On October 18, 1985, Nintendo released a small number of Nintendo Entertainment Systems in New York City, its first US market. It was bold move considering it was a time when most American consumers were more interested in personal computers than gaming systems. That first holiday season about 50,000 consoles were sold — which is only half of what Nintendo had produced. But by 1988, gaming had become a multi-billion dollar industry, and everyone and their mother had a Power Pad. Click through as we celebrate the 25th anniversary of the NES with a bit of Nintendo history and trivia. … Read More
Lately, there’s been a number of creative, stop-motion Lego videos surfacing around the web. Last week it was a highly-condensed version of the original Star Wars trilogy; this week, it’s an educational documentary about the founders of microbiology. Since Lego is no longer simply about building castles and space stations in your parent’s basement, we decided this would be a good time to round up some of the best videos featuring Lego that we’ve come across. You know, to keep up with the times and whatnot.
We grouped the following videos into six categories for your viewing convenience. Enjoy them all after the jump. … Read More
Today at Flavorpill, we looked at dead birds killed by our trash. We listened to A-TRAK remix the Yeah Yeah Yeahs. We followed the Shepard Fairey drama. We met 50 visionaries. We had a Nintendo flashback. We realized that there’s a Republican rep for almost anything bad. We planned our fall foliage tour. We wondered when the strollers will descend on Williamsburg (and wished that Stephen Elliott had invited us to his pasting party!). We were excited about a public-funded, crowdsourced animated feature film from Aardman and the Tate. And finally, we wished that Jonathan Ames had come over to our house to watch the fake Jonathan Ames on Bored to… Read More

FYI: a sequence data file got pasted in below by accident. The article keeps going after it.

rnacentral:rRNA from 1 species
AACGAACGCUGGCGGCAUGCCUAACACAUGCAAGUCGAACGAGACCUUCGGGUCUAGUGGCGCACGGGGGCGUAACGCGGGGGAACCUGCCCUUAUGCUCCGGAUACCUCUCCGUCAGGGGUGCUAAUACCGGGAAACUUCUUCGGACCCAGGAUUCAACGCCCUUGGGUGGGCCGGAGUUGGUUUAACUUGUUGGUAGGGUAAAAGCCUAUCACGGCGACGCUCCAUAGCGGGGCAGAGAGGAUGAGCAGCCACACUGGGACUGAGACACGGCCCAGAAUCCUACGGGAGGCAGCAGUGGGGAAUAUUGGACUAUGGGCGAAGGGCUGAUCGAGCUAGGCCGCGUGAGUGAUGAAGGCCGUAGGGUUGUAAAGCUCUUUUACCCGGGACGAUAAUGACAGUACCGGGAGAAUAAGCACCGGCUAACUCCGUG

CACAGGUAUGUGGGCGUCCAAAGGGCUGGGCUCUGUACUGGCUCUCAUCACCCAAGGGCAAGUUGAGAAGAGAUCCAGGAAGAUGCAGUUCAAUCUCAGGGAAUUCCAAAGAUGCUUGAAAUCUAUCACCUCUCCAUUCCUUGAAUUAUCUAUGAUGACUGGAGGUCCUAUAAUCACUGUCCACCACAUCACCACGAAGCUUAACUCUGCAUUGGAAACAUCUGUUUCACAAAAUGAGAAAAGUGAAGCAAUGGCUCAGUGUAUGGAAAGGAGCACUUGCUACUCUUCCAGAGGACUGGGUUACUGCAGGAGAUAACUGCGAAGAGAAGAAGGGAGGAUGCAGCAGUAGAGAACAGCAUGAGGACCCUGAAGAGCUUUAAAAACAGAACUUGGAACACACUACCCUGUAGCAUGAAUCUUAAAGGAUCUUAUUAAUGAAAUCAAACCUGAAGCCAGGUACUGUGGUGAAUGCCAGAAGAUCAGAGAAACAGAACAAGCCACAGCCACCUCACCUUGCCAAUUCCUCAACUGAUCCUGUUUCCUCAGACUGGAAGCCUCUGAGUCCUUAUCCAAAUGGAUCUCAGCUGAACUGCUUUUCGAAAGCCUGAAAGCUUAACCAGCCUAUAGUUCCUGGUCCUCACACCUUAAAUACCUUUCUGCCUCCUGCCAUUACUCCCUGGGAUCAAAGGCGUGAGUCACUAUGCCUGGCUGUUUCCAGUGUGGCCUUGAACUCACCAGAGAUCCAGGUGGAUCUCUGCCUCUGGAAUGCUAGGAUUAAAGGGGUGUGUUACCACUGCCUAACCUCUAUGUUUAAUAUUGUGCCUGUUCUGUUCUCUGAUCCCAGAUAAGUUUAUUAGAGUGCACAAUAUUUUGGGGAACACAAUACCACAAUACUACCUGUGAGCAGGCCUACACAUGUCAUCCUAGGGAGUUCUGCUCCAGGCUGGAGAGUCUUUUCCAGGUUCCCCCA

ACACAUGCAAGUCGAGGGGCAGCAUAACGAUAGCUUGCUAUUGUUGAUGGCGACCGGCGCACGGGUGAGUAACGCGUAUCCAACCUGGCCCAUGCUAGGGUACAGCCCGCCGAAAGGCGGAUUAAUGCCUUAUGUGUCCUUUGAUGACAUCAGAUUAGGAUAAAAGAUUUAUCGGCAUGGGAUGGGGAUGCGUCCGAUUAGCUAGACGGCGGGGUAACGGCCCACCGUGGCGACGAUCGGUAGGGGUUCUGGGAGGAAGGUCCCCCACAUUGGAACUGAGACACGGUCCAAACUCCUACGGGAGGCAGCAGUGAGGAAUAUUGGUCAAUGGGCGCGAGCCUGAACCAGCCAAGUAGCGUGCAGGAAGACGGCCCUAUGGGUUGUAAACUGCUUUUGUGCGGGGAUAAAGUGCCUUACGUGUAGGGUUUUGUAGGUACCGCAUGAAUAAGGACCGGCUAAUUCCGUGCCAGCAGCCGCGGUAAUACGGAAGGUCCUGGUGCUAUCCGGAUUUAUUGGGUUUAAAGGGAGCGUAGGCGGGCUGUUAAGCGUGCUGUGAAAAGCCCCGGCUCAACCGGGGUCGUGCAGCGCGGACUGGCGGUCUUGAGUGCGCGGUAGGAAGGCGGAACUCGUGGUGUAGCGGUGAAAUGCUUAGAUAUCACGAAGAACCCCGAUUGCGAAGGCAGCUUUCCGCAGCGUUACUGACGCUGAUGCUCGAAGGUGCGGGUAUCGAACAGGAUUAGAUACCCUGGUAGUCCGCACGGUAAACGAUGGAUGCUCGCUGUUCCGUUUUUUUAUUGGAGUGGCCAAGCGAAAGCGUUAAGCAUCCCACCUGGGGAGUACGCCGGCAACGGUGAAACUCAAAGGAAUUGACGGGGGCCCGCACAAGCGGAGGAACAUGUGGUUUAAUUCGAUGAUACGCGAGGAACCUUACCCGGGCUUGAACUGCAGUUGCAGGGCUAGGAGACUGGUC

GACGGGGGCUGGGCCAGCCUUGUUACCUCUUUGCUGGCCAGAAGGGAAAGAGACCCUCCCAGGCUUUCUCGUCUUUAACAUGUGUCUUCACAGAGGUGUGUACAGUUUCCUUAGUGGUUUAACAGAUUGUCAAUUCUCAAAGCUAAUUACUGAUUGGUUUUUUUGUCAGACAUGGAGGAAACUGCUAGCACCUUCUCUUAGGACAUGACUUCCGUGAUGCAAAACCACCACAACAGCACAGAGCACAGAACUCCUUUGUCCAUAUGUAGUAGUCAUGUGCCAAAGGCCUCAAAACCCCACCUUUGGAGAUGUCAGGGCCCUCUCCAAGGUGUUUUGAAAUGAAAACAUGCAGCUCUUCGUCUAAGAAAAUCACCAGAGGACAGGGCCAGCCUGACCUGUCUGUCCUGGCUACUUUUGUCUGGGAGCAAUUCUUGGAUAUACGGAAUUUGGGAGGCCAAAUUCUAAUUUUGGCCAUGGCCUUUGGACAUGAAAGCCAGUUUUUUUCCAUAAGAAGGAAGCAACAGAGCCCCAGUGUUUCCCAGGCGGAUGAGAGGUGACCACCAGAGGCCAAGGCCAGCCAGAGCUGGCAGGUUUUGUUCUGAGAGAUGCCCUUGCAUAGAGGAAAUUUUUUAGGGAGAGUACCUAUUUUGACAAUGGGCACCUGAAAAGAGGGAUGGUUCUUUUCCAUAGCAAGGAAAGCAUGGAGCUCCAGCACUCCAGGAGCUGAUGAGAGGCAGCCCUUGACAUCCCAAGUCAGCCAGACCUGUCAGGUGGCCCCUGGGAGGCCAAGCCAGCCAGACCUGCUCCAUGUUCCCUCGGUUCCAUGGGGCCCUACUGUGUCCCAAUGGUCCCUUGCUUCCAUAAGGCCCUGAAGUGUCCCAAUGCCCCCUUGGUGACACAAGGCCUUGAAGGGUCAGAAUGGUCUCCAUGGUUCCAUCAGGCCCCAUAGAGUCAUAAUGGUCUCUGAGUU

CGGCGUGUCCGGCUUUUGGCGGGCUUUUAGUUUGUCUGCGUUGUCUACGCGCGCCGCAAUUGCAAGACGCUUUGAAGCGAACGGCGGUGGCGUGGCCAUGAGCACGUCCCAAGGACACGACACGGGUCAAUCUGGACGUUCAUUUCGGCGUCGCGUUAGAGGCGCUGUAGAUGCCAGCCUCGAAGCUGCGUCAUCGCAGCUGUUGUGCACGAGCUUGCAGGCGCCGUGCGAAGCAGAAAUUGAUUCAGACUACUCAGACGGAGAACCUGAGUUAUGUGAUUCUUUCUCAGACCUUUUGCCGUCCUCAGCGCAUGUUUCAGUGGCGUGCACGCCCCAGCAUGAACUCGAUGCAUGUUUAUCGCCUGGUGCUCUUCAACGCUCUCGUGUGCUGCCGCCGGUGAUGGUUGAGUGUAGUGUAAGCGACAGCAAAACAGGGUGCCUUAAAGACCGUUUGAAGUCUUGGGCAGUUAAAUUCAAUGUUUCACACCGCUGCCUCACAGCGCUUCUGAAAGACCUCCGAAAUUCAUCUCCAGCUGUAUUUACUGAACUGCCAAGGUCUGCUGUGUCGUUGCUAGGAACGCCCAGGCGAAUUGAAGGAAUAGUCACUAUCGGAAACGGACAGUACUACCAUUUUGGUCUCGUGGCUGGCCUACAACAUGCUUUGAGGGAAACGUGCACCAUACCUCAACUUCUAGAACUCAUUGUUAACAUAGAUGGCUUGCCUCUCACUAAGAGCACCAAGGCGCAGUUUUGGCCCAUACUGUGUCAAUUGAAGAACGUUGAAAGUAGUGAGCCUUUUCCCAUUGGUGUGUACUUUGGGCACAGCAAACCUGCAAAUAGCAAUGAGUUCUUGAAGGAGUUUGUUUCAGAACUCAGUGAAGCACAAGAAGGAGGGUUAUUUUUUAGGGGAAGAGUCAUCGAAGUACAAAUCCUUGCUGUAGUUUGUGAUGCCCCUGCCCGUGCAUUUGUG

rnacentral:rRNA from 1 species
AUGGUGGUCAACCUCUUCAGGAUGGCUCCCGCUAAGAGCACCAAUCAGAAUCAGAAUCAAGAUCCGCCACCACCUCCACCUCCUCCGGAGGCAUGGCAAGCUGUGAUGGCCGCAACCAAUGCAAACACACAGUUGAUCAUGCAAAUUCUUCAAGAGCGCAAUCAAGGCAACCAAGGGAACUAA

Will our Nintendo DSi come with pretty backup Dancers and pastel graphics? Or a golden microphone, like Jamie Lidell’s? If so, it’s funny our friends at Wired.com don’t mention it in their review of the system: “The $170 DSi supercharges the smash hit Nintendo DS platform by adding two cameras, an SD card slot, a Web browser, and the ability to download games over WiFi. But although the DSi clearly represents the downloadable future of handheld gaming, Nintendo says it’s not interested in leaping feet-first into iPhone territory. Plus, it won’t bring its catalog of cartridge-based games to digital either.” Maybe they just hate beatboxing. … Read More